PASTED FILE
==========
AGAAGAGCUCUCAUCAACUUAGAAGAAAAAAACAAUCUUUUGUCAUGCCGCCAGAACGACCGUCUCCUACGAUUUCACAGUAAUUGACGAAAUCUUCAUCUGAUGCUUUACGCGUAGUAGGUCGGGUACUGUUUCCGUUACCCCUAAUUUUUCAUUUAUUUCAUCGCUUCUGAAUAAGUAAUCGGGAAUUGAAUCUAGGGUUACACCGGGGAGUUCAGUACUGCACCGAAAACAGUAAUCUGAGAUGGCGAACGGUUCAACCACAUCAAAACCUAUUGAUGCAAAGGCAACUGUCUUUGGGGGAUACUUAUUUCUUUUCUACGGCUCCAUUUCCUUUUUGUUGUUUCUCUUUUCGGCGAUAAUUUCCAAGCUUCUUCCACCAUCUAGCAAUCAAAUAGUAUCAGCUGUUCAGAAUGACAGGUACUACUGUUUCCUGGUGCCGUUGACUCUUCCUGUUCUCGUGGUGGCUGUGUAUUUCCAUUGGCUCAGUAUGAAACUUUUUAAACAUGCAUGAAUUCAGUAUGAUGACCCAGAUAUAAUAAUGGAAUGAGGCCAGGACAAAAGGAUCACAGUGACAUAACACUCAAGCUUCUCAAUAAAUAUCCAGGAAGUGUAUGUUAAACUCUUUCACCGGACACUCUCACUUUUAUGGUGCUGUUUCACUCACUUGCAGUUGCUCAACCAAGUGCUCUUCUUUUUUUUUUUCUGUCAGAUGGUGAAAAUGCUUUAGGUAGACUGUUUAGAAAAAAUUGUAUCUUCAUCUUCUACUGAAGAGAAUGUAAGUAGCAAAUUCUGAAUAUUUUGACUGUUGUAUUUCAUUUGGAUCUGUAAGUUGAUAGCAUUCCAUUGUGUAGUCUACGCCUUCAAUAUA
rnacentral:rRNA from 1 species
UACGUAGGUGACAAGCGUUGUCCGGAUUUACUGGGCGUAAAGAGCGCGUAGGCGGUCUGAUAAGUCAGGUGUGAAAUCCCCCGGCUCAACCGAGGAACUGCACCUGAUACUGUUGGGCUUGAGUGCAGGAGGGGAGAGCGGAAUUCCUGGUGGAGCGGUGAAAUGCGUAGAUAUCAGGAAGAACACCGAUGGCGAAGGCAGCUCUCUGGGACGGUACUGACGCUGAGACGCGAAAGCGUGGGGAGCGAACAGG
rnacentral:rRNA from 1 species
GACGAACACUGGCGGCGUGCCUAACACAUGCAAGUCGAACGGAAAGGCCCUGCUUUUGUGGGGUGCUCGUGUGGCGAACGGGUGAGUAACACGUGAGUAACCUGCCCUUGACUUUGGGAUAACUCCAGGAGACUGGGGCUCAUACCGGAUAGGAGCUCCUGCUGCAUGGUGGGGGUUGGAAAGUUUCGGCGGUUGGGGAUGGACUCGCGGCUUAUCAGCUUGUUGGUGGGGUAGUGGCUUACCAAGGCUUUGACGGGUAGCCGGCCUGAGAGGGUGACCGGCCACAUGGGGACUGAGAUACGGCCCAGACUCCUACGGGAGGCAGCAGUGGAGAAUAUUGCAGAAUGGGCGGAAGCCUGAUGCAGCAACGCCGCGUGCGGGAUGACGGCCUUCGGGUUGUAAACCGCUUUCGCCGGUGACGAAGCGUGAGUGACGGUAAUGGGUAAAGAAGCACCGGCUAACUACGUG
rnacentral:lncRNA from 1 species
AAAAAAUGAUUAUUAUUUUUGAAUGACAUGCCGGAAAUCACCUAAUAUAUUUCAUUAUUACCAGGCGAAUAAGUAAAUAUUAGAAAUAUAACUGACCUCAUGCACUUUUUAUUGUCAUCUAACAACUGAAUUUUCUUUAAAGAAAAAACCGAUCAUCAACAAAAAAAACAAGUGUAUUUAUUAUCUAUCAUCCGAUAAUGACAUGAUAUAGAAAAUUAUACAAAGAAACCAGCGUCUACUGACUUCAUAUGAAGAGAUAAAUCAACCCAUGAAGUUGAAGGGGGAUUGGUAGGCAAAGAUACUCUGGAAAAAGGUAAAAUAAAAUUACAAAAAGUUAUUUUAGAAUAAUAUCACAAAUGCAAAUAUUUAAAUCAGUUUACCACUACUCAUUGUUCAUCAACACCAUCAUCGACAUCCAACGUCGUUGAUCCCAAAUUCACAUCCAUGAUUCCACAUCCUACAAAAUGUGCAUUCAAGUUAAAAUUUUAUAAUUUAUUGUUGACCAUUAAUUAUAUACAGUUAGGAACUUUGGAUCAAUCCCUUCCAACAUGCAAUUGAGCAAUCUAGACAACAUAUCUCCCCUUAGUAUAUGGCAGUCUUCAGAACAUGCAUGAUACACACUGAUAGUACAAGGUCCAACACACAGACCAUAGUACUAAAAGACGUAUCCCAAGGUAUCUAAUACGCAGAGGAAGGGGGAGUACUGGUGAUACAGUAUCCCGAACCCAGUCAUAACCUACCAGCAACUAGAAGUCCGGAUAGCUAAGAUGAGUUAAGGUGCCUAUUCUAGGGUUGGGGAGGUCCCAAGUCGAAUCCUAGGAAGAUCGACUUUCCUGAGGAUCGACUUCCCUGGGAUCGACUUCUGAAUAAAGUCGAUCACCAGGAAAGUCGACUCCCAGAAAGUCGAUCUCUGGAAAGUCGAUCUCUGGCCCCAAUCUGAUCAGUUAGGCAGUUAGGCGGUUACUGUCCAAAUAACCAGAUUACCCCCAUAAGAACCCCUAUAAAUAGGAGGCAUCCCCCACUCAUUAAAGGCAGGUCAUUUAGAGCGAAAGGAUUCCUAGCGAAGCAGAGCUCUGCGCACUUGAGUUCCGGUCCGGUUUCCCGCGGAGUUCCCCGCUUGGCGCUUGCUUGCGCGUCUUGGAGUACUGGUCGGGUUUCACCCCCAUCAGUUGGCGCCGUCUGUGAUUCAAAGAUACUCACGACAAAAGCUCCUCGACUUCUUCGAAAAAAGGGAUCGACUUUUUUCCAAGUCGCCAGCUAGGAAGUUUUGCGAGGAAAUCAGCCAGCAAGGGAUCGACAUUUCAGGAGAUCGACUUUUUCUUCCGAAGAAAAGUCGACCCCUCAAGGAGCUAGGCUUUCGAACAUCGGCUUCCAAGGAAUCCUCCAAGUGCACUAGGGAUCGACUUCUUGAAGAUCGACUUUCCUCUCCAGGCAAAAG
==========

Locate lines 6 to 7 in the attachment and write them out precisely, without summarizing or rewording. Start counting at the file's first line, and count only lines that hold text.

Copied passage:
rnacentral:lncRNA from 1 species
AAAAAAUGAUUAUUAUUUUUGAAUGACAUGCCGGAAAUCACCUAAUAUAUUUCAUUAUUACCAGGCGAAUAAGUAAAUAUUAGAAAUAUAACUGACCUCAUGCACUUUUUAUUGUCAUCUAACAACUGAAUUUUCUUUAAAGAAAAAACCGAUCAUCAACAAAAAAAACAAGUGUAUUUAUUAUCUAUCAUCCGAUAAUGACAUGAUAUAGAAAAUUAUACAAAGAAACCAGCGUCUACUGACUUCAUAUGAAGAGAUAAAUCAACCCAUGAAGUUGAAGGGGGAUUGGUAGGCAAAGAUACUCUGGAAAAAGGUAAAAUAAAAUUACAAAAAGUUAUUUUAGAAUAAUAUCACAAAUGCAAAUAUUUAAAUCAGUUUACCACUACUCAUUGUUCAUCAACACCAUCAUCGACAUCCAACGUCGUUGAUCCCAAAUUCACAUCCAUGAUUCCACAUCCUACAAAAUGUGCAUUCAAGUUAAAAUUUUAUAAUUUAUUGUUGACCAUUAAUUAUAUACAGUUAGGAACUUUGGAUCAAUCCCUUCCAACAUGCAAUUGAGCAAUCUAGACAACAUAUCUCCCCUUAGUAUAUGGCAGUCUUCAGAACAUGCAUGAUACACACUGAUAGUACAAGGUCCAACACACAGACCAUAGUACUAAAAGACGUAUCCCAAGGUAUCUAAUACGCAGAGGAAGGGGGAGUACUGGUGAUACAGUAUCCCGAACCCAGUCAUAACCUACCAGCAACUAGAAGUCCGGAUAGCUAAGAUGAGUUAAGGUGCCUAUUCUAGGGUUGGGGAGGUCCCAAGUCGAAUCCUAGGAAGAUCGACUUUCCUGAGGAUCGACUUCCCUGGGAUCGACUUCUGAAUAAAGUCGAUCACCAGGAAAGUCGACUCCCAGAAAGUCGAUCUCUGGAAAGUCGAUCUCUGGCCCCAAUCUGAUCAGUUAGGCAGUUAGGCGGUUACUGUCCAAAUAACCAGAUUACCCCCAUAAGAACCCCUAUAAAUAGGAGGCAUCCCCCACUCAUUAAAGGCAGGUCAUUUAGAGCGAAAGGAUUCCUAGCGAAGCAGAGCUCUGCGCACUUGAGUUCCGGUCCGGUUUCCCGCGGAGUUCCCCGCUUGGCGCUUGCUUGCGCGUCUUGGAGUACUGGUCGGGUUUCACCCCCAUCAGUUGGCGCCGUCUGUGAUUCAAAGAUACUCACGACAAAAGCUCCUCGACUUCUUCGAAAAAAGGGAUCGACUUUUUUCCAAGUCGCCAGCUAGGAAGUUUUGCGAGGAAAUCAGCCAGCAAGGGAUCGACAUUUCAGGAGAUCGACUUUUUCUUCCGAAGAAAAGUCGACCCCUCAAGGAGCUAGGCUUUCGAACAUCGGCUUCCAAGGAAUCCUCCAAGUGCACUAGGGAUCGACUUCUUGAAGAUCGACUUUCCUCUCCAGGCAAAAG